By now, you surely know that networking is the most effective way to land a new job and advance your career. But what is the key to building a meaningful network in an increasingly digital world?
“Networking is not a singular activity,” says J. Kelly Hoey, author of Build Your Dream Network, one of my picks for 2017’s 5 Great New Books to Help Your Career. “It is every interaction throughout your day, both online and off. Your e-mail signature line, the article you share on LinkedIn and the person you choose to sit next to at lunch are all part of the mix.”
I recently heard Hoey share her networking tips at an event sponsored by the Fairfield County, Conn., chapter of SCORE.org. She was joined by Varelie Croes, founder of the Liv Group, a New York venture studio focused on tech startups, whose networking know-how is featured prominently in Build Your Dream Network.
3 of Hoey’s Top Networking Tips
Hoey kicked off the discussion by sharing three of her favorite networking strategies:
1. Don’t commit random acts of networking. Effective networking requires purpose and preparation. So before you start, get clear on your goals and objectives. Then, identify the people who might be able to help you best reach those goals. Where do they hang out? What’s the best way to reach them — through LinkedIn, Twitter, at a conference or by phone? What are the problems they deal with and how can you help solve them? By addressing these issues upfront, you’ll avoid wasting valuable time — both yours and theirs.
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2. Think of social media networking platforms as physical spaces, and then act accordingly. “LinkedIn for me is the professional office, Facebook is for friends and family and Twitter is the cocktail party,” said Hoey. So just as you wouldn’t walk into a cocktail party screaming, “Who can help me find a job?,” don’t tweet at people using full caps on Twitter requesting help with your job search. “The key to long-term social networking success is to always remember there are people using the technology,” says Hoey in her book. “People like you and me, with messy, complicated distracted lives.”
3. Give before you get. The cardinal rule of networking is to always offer up help before you need or expect anything in return. Focus on helping others by continually sharing useful resources, feedback and referrals using the online platforms.
Networking Q and As
Hoey and Croes also fielded questions from the audience. Here are four Q and A exchanges of note:
How do I successfully connect with influencers?
Connecting with top executives is rarely easy, and sometimes downright impossible. So if you hit a brick wall, focus on building relationships , using tools like LinkedIn and Google alerts to facilitate the process. “Think of it like a game of football. You need to make a series of plays to get from one end zone to the other,” said Hoey.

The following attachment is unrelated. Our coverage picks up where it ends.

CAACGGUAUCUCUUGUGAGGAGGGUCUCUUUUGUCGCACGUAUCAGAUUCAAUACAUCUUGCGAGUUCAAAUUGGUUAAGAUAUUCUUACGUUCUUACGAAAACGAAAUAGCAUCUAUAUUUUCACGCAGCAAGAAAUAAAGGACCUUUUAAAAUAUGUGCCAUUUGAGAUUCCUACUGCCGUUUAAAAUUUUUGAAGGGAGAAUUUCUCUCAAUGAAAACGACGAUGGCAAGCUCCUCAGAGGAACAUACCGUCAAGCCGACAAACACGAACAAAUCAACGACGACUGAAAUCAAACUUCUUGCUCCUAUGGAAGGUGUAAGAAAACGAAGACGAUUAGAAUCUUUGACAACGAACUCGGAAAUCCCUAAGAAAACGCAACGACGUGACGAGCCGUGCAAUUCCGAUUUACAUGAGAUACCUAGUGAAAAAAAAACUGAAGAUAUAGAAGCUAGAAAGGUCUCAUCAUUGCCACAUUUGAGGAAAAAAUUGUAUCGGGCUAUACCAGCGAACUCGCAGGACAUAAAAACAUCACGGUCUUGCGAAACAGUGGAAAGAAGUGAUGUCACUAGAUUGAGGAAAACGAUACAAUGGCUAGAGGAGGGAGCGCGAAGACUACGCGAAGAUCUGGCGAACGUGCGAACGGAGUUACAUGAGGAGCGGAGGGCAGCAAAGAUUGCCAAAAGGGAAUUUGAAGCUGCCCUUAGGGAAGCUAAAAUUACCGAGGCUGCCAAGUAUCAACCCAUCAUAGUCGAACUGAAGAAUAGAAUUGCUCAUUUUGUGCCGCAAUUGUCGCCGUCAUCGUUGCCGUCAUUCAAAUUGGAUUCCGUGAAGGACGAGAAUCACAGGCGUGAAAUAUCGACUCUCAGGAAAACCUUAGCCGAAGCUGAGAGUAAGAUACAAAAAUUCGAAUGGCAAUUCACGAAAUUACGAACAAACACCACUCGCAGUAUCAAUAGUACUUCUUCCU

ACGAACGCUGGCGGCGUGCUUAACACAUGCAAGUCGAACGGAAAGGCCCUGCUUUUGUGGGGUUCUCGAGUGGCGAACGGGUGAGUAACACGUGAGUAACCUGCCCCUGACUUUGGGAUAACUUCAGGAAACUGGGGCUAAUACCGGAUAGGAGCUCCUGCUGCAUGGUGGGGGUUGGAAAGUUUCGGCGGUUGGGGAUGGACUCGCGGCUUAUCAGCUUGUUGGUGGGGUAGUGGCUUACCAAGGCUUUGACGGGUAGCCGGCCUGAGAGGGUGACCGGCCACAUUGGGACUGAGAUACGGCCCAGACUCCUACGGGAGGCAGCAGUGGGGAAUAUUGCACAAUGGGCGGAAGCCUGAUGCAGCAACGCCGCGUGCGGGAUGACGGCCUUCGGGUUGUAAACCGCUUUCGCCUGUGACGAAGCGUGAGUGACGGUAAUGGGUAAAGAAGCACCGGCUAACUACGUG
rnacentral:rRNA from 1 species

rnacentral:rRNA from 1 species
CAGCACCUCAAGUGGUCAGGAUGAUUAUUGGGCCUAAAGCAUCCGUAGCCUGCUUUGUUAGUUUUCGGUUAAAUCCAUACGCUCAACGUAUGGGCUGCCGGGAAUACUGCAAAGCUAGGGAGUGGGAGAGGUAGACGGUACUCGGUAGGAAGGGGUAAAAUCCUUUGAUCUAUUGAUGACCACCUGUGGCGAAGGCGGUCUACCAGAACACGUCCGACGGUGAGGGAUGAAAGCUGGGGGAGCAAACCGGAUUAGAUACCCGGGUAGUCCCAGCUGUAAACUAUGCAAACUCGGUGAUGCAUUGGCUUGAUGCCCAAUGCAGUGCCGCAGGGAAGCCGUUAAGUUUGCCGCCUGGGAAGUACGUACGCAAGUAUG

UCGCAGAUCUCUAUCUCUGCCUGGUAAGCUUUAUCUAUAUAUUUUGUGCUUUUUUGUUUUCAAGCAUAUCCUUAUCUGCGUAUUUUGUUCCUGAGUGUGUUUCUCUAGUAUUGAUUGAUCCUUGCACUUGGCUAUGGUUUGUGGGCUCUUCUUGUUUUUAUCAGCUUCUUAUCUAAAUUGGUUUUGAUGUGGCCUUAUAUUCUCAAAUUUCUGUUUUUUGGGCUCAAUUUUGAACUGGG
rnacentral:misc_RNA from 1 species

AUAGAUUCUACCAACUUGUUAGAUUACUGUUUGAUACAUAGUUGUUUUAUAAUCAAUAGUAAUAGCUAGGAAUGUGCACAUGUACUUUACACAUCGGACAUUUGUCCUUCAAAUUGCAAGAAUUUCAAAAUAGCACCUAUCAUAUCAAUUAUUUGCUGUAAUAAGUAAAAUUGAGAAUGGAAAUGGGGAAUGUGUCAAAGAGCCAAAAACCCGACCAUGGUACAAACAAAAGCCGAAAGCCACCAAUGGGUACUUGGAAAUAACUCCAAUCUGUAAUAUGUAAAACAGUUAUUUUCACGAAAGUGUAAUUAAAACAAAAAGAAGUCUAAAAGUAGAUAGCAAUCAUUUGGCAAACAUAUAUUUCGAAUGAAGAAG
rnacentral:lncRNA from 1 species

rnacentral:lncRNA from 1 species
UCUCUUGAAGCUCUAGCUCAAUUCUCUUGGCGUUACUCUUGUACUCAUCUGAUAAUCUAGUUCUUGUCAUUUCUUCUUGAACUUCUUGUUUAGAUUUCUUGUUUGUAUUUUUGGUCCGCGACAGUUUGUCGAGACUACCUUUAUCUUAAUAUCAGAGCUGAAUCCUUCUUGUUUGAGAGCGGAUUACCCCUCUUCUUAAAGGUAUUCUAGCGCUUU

Also, said Croes, “make it easy for a decision maker to respond. The more specific you are, the better.” For example, when you send an email, write it in a way the person can easily flip it over to a subordinate for action. ”If they have to ask questions or add commentary, you might not get any response at all,” said Croes.
Why would somebody want to help me when I don’t have much to offer him or her?
This question, which came from a college student, clearly hit a nerve with the mostly boomer crowd. “I love this question,” said Hoey, “because we’ve all dealt with this fear at some point. Networking is a 360-degree process. You might not be able to offer that person much right now, but you could be in a position to hire him or her in a few years. One of the best business leads I got this year came from someone who interned for me when they were younger.”
The key to success is to be considerate, well-researched (never ask questions that you can answer through a Google search) and always, always, always follow-up. Don’t just send a thank-you note or email following your conversation. Circle back after you meet your goal to let the person share in the joy of your progress, too. “Follow-up is key, “ emphasized Hoey, “and yet most people fail to do it well.”
How can I use networking to make a career transition when I don’t know what I really want?
Croes addressed this question, saying it took her over a year after leaving her job as a tax attorney to figure out what she wanted to do next. But by talking with lots of people, reading blogs about potential businesses and joining a group of other aspiring entrepreneurs, she slowly began to refine her ideas. The women in Croes’ group were all ambitious entrepreneurs who offered candid feedback, pushed her outside her comfort zone and helped her navigate the startup world.
Can introverts learn to be effective networkers?
“Actually, I think introverts make the best networkers,” replied Hoey. “They tend to be deliberate, focused and considerate — all important traits for successful networking.” She pointed out that most of the people featured in her book are introverted, some profoundly so.
If you’re an introvert, it’s best to build your network through “warm contacts” (people you are introduced to through friends). And leverage platforms like LinkedIn to subtly tout your accomplishments. For example, you can list upcoming conferences you are attending or mention a recent award or promotion in the summary section. (You can download additional LinkedIn tips from Hoey’s website.)
Ultimately, no matter how sophisticated the networking tools, Hoey emphasized, it’s all about being a decent human being. By being generous with your time, you become a trusted resource who others will want to help in return.